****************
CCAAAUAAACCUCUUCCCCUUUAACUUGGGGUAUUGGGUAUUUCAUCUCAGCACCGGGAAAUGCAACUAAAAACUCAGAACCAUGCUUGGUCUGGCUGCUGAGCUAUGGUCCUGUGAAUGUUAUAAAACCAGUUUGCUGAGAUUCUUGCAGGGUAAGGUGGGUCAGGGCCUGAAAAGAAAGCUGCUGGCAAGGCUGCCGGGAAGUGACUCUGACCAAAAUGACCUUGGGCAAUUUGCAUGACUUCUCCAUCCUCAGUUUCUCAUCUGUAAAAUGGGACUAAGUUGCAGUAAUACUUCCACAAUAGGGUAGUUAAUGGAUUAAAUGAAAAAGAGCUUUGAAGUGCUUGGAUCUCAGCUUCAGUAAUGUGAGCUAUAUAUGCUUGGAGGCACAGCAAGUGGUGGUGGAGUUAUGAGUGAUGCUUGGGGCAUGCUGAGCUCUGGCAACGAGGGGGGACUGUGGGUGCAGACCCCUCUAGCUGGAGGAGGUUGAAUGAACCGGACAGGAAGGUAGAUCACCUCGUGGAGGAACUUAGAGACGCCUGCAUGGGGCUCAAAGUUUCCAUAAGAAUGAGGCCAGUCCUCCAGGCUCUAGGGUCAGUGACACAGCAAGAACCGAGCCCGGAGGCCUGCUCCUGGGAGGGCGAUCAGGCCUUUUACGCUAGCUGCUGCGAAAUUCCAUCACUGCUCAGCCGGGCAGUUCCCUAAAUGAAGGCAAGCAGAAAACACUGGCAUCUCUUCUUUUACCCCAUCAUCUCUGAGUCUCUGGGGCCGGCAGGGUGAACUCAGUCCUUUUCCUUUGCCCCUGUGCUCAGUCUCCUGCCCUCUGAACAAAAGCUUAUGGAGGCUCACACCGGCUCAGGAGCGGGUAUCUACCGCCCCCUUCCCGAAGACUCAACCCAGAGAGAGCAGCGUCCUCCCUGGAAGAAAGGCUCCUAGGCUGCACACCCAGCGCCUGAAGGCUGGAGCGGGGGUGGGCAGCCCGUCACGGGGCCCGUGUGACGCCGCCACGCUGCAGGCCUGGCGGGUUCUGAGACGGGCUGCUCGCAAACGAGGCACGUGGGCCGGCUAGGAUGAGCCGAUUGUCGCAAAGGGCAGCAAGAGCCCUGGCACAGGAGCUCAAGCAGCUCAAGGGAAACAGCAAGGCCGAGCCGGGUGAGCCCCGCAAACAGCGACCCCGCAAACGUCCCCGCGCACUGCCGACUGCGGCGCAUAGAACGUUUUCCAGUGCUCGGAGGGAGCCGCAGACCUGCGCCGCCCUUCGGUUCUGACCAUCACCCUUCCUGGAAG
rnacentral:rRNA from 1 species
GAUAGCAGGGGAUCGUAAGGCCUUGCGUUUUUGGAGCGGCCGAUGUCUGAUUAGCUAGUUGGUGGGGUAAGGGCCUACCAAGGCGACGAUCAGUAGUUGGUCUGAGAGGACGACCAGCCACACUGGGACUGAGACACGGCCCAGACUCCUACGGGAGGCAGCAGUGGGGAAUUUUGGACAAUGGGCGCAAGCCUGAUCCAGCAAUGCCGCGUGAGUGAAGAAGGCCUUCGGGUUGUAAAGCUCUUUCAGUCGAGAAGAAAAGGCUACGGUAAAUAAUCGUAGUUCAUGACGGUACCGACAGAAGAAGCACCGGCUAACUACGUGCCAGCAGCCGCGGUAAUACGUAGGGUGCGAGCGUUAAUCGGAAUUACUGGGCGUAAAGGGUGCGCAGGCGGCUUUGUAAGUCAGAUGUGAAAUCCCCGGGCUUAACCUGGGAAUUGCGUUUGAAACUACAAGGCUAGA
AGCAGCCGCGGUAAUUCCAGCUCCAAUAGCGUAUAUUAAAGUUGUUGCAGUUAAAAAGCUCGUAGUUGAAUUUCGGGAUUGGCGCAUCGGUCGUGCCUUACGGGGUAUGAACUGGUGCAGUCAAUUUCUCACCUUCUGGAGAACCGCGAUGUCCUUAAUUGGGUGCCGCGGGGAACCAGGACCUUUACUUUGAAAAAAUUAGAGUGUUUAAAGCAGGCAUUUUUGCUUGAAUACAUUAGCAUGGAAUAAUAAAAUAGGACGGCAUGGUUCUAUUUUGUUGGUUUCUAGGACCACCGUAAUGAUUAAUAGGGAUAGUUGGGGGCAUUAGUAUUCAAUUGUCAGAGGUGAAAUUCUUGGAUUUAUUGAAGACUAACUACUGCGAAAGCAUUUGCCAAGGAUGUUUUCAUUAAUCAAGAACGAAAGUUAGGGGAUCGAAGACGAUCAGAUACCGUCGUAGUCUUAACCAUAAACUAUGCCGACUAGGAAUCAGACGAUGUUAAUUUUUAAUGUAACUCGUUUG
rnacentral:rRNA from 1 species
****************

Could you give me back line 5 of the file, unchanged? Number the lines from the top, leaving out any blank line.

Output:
rnacentral:rRNA from 1 species